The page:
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Charles Mallet

Charles Mallet
Charles Mallet

Sir Charles Edward Mallet (2 December 1862 – 21 November 1947), was a British historian and Liberal politician. He was knighted in 1917.

He was the only son of Charles Mallet, a civil servant. He was educated at Balliol College, Oxford, and was admitted to Middle Temple on 21 May 1886. He was Called to the Bar on 3 July 1889.[1]

He first stood for parliament at the 1900 General Election when he was the unsuccessful Liberal candidate for the Conservative seat of Salford West.[2] Mallet was returned to Parliament for Plymouth in 1906.

In 1908 he was appointed as Parliamentary Private Secretary to Walter Runciman who was President of the Board of Education. In February 1910 Asquith was considering him as a possible Chief Whip but was dissuaded by the outgoing Chief Whip Jack Pease who felt he was out of sympathy with many leading Liberals over the Lords.[3]

In March 1910 Prime Minister H. H. Asquith appointed him Financial Secretary to the War Office, a position he held until he was defeated in the December general election of the same year.[citation needed] He sought a return to parliament at the Salford North by-election, 1917 as a Coalition Liberal candidate but was defeated by an Independent Labour candidate.[4] He did not contest the 1918 General Election. He was Honorary Secretary of the Free Trade Union.[5]

He became a supporter of the official Liberal party that opposed the Coalition Government. He sought to make a return to parliament standing as Liberal candidate for South Aberdeen, in 1922 without success.[citation needed]

General Election 1922: Aberdeen South[6]
Party Candidate Votes % ±
Unionist Frederick Thomson 13,208 58.0
Liberal Charles Mallet 9,573 42.0

He tried again in 1923 without success.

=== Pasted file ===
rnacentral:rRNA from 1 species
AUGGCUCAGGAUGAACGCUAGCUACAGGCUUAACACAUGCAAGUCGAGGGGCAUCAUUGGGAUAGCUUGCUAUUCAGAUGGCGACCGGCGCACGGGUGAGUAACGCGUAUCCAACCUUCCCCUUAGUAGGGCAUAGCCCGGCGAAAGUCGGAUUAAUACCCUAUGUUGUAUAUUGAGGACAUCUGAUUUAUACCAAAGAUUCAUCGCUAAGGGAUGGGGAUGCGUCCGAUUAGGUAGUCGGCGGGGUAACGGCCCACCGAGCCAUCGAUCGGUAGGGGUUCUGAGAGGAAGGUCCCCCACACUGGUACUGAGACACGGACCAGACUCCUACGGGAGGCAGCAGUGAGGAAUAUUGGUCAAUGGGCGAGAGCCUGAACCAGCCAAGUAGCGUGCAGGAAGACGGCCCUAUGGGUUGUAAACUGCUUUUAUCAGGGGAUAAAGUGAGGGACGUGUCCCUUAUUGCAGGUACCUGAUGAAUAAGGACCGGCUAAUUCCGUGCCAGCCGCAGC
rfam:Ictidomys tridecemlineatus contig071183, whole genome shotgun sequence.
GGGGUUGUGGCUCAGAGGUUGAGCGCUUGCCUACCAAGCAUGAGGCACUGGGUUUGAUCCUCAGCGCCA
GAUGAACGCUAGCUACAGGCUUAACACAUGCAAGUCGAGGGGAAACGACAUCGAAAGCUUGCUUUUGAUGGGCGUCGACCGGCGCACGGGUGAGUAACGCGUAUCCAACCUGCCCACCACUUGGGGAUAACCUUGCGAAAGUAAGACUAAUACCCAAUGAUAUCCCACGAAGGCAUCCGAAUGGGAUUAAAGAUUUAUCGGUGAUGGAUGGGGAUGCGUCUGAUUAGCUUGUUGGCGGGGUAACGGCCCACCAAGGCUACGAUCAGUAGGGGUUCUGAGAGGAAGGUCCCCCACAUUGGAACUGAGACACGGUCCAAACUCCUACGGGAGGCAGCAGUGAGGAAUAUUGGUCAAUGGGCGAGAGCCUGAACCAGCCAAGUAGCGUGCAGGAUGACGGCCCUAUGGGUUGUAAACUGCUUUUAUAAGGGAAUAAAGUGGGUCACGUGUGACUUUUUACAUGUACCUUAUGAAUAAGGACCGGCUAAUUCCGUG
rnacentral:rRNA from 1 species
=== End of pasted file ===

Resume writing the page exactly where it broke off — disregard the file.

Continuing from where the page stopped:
General Election 1923: Aberdeen South[7]
Party Candidate Votes % ±
Unionist Frederick Thomson 11,258 47.3 -10.7
Labour John Paton 6,911 29.0 n/a
Liberal Charles Mallet 5,641 23.7 -18.3

He had published two works on Liberal politicians; Mr Lloyd George, a Study (1930) and Herbert Gladstone, a Memoir (1932).[8]

His book on Lloyd George was entirely devoted to the shortcomings of the Liberal Leader.[9]


  1. ^ Sturgess, H.A.C. (1949). Register of Admissions to the Honourable Society of the Middle Temple. Butterworth & Co. (Publishers) Ltd.: Temple Bar. Vol. II, p.656
  2. ^ British parliamentary election results 1885-1918, FWS Craig
  3. ^ A Liberal Chronicle 1908-1910 by Jack Pease
  4. ^ Debrett's House of Commons 1918
  5. ^ Debrett's House of Commons and Judicial Bench, 1922
  6. ^ British parliamentary election results 1918-1949, FWS Craig
  7. ^ British parliamentary election results 1918-1949, FWS Craig
  8. ^ ‘MALLET, Sir Charles Edward’, Who Was Who, A & C Black, an imprint of Bloomsbury Publishing plc, 1920–2007; online edn, Oxford University Press, Dec 2012; online edn, Oct 2012 Profile,; accessed 21 February 2014.
  9. ^ The Downfall of the Liberal Party by Trevor Wilson


Parliament of the United Kingdom
Preceded by
Ivor Guest and
Henry Duke
Member of Parliament for Plymouth
1906Dec. 1910
With: Thomas Dobson 1906–1910
Aneurin Williams 1910
Succeeded by
Waldorf Astor and
Arthur Benn
Political offices
Preceded by
Francis Dyke Acland
Financial Secretary to the War Office
Succeeded by
Francis Dyke Acland